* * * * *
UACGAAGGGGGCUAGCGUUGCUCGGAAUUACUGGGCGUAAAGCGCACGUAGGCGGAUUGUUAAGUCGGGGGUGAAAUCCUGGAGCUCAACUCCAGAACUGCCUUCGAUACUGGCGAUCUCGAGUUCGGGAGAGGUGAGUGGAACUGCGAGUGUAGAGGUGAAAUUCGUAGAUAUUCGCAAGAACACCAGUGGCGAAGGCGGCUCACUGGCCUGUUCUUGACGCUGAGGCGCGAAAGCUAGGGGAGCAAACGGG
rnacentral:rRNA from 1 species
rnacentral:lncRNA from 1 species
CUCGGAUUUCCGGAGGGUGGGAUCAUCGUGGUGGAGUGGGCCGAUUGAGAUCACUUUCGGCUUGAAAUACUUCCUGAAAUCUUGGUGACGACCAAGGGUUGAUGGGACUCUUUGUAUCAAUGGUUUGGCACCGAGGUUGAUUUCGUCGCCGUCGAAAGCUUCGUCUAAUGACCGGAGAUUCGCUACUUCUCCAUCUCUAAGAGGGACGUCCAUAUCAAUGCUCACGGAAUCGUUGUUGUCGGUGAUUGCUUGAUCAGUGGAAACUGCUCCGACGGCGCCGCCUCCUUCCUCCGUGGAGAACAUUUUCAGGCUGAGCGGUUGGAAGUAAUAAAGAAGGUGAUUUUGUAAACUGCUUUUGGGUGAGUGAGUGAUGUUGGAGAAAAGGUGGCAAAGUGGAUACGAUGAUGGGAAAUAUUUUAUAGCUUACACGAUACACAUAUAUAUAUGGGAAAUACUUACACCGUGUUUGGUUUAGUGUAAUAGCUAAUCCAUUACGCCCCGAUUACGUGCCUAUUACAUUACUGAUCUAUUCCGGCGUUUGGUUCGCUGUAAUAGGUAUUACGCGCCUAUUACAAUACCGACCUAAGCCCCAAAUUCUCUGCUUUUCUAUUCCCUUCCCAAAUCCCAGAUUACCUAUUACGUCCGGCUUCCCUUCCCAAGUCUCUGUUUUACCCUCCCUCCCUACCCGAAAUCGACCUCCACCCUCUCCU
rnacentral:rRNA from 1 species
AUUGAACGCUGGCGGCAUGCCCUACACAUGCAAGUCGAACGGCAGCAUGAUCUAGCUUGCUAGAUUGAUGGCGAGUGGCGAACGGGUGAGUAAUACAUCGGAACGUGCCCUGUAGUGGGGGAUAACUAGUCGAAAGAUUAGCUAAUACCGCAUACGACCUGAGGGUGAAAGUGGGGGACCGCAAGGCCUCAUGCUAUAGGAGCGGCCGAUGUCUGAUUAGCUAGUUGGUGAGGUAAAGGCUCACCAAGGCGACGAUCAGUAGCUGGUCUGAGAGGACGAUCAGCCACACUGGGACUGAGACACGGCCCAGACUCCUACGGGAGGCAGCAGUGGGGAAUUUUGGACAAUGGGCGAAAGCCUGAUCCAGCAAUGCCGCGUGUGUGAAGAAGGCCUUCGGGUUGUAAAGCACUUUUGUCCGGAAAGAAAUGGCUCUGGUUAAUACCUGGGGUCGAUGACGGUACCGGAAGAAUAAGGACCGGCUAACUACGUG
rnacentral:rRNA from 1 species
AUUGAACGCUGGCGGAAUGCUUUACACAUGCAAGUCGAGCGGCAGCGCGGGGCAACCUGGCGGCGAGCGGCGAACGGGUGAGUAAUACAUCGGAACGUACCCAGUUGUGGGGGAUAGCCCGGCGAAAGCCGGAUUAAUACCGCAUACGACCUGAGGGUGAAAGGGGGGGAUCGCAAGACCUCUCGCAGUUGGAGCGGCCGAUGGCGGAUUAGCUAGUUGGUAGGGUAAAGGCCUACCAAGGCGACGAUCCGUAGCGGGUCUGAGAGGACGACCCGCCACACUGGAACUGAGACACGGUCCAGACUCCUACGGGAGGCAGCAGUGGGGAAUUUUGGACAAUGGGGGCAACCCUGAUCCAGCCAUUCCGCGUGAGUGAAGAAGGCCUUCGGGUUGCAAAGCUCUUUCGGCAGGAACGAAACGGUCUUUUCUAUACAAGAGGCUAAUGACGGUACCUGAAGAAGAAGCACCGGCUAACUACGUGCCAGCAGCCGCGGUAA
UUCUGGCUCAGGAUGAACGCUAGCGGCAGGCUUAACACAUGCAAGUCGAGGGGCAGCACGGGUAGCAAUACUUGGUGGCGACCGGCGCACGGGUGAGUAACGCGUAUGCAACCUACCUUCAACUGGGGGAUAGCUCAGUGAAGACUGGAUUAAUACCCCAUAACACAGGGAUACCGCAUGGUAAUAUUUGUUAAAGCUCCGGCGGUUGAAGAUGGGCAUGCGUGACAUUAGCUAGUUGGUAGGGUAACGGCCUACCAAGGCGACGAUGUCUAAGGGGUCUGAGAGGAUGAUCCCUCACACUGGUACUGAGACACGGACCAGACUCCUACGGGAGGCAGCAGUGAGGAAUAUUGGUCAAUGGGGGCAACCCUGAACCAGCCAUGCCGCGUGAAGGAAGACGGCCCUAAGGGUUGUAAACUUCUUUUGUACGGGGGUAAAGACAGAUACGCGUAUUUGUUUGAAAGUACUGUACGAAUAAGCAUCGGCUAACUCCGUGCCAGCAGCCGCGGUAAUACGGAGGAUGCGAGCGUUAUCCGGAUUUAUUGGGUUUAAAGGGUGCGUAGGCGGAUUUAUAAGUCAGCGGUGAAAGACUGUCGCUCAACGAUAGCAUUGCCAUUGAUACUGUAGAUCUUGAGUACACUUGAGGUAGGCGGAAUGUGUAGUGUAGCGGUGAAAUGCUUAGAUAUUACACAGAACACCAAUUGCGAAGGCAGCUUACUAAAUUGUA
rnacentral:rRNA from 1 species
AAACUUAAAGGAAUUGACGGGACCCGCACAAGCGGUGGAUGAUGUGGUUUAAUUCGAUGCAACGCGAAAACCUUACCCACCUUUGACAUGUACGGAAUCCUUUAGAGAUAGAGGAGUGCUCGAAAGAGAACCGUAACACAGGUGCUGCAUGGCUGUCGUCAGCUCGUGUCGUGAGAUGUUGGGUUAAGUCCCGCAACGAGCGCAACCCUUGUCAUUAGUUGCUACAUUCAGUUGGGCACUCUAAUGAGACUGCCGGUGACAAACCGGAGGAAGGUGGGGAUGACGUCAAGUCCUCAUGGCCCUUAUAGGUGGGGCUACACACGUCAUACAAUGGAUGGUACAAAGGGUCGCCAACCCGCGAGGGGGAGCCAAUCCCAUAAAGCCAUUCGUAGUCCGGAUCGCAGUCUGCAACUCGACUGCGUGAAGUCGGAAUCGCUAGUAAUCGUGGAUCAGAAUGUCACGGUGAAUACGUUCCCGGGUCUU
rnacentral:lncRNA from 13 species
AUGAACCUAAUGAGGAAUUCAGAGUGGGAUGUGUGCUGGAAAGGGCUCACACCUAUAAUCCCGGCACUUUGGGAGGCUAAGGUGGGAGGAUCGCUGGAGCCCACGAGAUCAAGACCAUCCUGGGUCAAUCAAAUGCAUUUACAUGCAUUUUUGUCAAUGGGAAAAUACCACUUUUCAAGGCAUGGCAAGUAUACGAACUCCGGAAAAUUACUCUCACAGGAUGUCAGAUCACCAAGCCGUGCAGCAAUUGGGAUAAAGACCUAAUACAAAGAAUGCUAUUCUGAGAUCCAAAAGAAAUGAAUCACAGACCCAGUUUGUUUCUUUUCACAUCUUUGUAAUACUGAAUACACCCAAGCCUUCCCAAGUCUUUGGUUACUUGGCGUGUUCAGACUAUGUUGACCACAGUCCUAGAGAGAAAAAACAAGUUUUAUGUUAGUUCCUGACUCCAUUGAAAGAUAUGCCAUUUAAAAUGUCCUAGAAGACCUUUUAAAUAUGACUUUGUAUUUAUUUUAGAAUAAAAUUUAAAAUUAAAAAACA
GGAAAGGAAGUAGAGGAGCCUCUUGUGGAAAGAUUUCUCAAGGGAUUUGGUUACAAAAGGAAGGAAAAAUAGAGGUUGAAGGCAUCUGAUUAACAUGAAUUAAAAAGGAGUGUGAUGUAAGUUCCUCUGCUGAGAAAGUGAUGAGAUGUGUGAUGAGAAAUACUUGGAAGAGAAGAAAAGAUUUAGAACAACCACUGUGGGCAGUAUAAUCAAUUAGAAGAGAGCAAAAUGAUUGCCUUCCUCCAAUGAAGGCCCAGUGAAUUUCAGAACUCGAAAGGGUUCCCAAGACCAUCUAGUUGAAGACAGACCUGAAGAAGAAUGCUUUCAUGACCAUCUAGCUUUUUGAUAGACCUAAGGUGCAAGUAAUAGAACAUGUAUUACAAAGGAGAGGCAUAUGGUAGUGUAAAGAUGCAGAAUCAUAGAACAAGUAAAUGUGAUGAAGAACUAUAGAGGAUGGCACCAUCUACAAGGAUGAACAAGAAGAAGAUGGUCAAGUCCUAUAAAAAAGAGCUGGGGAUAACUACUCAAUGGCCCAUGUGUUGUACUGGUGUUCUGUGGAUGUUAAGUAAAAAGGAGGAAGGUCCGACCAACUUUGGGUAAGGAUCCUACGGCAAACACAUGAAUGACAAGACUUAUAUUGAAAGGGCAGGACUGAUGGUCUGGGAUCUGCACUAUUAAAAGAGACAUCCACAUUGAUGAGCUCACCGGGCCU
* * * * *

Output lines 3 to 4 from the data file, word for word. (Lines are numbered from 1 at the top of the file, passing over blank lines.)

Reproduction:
rnacentral:lncRNA from 1 species
CUCGGAUUUCCGGAGGGUGGGAUCAUCGUGGUGGAGUGGGCCGAUUGAGAUCACUUUCGGCUUGAAAUACUUCCUGAAAUCUUGGUGACGACCAAGGGUUGAUGGGACUCUUUGUAUCAAUGGUUUGGCACCGAGGUUGAUUUCGUCGCCGUCGAAAGCUUCGUCUAAUGACCGGAGAUUCGCUACUUCUCCAUCUCUAAGAGGGACGUCCAUAUCAAUGCUCACGGAAUCGUUGUUGUCGGUGAUUGCUUGAUCAGUGGAAACUGCUCCGACGGCGCCGCCUCCUUCCUCCGUGGAGAACAUUUUCAGGCUGAGCGGUUGGAAGUAAUAAAGAAGGUGAUUUUGUAAACUGCUUUUGGGUGAGUGAGUGAUGUUGGAGAAAAGGUGGCAAAGUGGAUACGAUGAUGGGAAAUAUUUUAUAGCUUACACGAUACACAUAUAUAUAUGGGAAAUACUUACACCGUGUUUGGUUUAGUGUAAUAGCUAAUCCAUUACGCCCCGAUUACGUGCCUAUUACAUUACUGAUCUAUUCCGGCGUUUGGUUCGCUGUAAUAGGUAUUACGCGCCUAUUACAAUACCGACCUAAGCCCCAAAUUCUCUGCUUUUCUAUUCCCUUCCCAAAUCCCAGAUUACCUAUUACGUCCGGCUUCCCUUCCCAAGUCUCUGUUUUACCCUCCCUCCCUACCCGAAAUCGACCUCCACCCUCUCCU